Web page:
It’s time Kenya’s financial sector to innovate new ways of working


It’s time Kenya’s financial sector to innovate new ways of working

Technology and the Covid-19 have redefined the nature of work
Technology and the Covid-19 have redefined the nature of work. Financial institutions need to find new ways of coping. FILE PHOTO | NMG 

Kenya’s financial services sector has been experiencing disruptions for the past 10 years.

This has largely been brought about by the rise of artificial intelligence (AI) powered banking systems, digital lending apps, cryptocurrency and an onslaught from products like M-Pesa, Fuliza and Pay Bill, among other emerging financial technology (fintech) products.

To say the pandemic has exacerbated an already dire situation is an understatement if the financial results being released by banks are anything to go by. Covid-19 has arm-twisted human resource (HR) practitioners in the financial sector to rethink their people agenda and come up with fitting solutions for the industry to thrive in the new normal.

Fintech companies started offering remote IT solutions in the 90s, for example, remote troubleshooting, incorporating home Internet as part of employee benefit, adopted video conference and skype as ways of holding meetings, launched online learning platforms, incorporated 24/7 on-call IT support services for clients, localised customer experience through agency or dealers such as M-Pesa shops and started redefining the customer experience for the millennials through partnerships and powering sales of online products and services.

This is when new ways of working first emerged. However, during the same period, most financial institutions were scaling up the number and size of brick and mortar branches as ways of enhancing physical customer experience instead.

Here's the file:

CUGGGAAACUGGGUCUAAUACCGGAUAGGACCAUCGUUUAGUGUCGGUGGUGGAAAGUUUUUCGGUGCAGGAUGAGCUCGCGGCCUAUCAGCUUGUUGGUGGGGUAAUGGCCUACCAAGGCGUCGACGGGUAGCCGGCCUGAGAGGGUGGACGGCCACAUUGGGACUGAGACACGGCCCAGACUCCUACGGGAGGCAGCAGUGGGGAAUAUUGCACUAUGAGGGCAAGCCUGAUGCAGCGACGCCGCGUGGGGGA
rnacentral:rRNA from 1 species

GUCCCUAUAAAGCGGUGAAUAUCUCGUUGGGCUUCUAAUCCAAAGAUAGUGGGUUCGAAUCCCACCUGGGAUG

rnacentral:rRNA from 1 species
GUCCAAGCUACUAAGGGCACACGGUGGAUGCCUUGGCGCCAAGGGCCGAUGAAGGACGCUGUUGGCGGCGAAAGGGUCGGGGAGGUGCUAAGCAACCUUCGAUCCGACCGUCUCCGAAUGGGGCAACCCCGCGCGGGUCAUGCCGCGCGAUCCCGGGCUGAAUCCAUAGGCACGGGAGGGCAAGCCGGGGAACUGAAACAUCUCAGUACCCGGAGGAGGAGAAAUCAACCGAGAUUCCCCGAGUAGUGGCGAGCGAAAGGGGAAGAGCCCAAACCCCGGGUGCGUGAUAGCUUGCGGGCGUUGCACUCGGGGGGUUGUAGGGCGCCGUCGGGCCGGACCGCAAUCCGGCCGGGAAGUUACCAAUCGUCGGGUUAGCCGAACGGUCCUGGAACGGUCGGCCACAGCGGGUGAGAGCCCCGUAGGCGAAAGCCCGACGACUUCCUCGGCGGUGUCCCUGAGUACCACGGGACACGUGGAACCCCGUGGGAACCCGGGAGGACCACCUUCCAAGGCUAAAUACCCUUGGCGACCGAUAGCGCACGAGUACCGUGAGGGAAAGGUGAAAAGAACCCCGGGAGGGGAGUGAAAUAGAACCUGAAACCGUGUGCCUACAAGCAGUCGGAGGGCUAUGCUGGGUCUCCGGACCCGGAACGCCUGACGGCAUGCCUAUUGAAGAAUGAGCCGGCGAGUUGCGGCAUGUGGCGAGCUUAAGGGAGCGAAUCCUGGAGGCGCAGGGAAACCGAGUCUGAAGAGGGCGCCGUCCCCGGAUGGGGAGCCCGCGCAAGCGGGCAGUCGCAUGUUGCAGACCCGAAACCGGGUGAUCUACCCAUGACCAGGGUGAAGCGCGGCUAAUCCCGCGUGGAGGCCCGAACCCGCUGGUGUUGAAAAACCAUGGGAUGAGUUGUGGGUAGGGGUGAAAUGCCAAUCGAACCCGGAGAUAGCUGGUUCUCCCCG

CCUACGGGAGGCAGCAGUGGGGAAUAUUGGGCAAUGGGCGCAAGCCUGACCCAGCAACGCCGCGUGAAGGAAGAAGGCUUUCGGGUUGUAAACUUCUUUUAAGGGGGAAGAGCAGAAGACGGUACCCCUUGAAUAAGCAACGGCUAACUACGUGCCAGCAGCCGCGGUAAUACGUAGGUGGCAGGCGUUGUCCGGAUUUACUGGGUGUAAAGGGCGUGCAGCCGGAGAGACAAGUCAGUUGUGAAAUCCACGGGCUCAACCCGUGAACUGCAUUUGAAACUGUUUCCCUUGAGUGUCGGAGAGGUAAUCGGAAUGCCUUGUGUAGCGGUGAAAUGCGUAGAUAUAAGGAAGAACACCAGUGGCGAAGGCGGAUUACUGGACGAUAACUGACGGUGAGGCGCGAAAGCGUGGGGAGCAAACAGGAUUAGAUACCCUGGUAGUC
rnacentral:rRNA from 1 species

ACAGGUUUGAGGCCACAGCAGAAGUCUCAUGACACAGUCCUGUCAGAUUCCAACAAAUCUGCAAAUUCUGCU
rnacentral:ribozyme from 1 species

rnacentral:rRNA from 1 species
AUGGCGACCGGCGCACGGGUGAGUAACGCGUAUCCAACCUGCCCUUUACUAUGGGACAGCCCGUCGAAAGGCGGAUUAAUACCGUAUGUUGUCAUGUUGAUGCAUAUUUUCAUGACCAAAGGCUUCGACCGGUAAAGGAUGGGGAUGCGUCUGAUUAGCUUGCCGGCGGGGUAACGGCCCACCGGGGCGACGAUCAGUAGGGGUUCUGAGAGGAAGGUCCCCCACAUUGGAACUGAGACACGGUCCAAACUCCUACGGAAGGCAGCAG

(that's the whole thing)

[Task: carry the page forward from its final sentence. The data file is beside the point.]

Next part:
The above changes were already calling for accelerated adoption of new ways of working within the banking sector even before the pandemic hit.

The hard questions the industry should be asking themselves are: what new employee skills are needed in the future of banking? How are HR practitioners in bank services expected to tackle serious competition from the aggressive fintech companies that are well funded and are upsetting the status quo daily? Are we going to witness a redefinition of relationship banking? Is the introduction of HR business partner models going to work for banks? How is HR realigning performance management to the new era? Will enhanced employee experience and engagement through digitisation define employers of choice in future? How are players in the sector going to reshape the new organisational culture?

Kenya’s banking sector is ready, but still shy to adopt some bold new ways of working. It is inevitable for the sector to discuss advanced digitisation, including artificial intelligence and robotic capabilities as ways of driving organisational efficiency in the new era.

There is a need to rethink, realign and invest in new employee capabilities to meet dynamic, ever-evolving customer needs and expectations within the localised global environment should be centre stage to all board room discussions.

Further delays in having these tough conversations on the future work in this sector could ultimately see fintech products take over with smart banking technologies turning brick-and-mortar banks obsolete.

This strategic realignment needs to start with banking regulatory bodies creating an enabling environment flexible enough for banks to undertake massive transformation. For Instance, the Central Bank of Kenya and Communications Authority of Kenya can work together on modalities that allow banks to access and use mobile money transaction records as part of the credit vetting process to enable retail banking to compete with fintech products.

The failure to have this will lead to the systematic death of retail banking.

Can the cheque clearance process be digitised and have it done within hours and not days? Can banks be allowed to outsource more non-core functions, can we have banks’ systems interfacing with government systems such as Huduma Number or centre and e-citizen to enhance efficiency and remove some level of knowing your customer burden from banks to government agencies? Can we have a redefinition of branches from brick and mortar to online digital branches?

Viability of the financial services sector rests with business leaders and HR practitioners redefining the future of work while appreciating the diverse and ever-evolving customers’ needs and expectations. Candid strategic engagements with different stakeholders must happen to enable institutions to redefine and reshape the future of this industry.

Mudasia, HR Director Danish Brewing Company &former HR Lead at GT Bank East Africa

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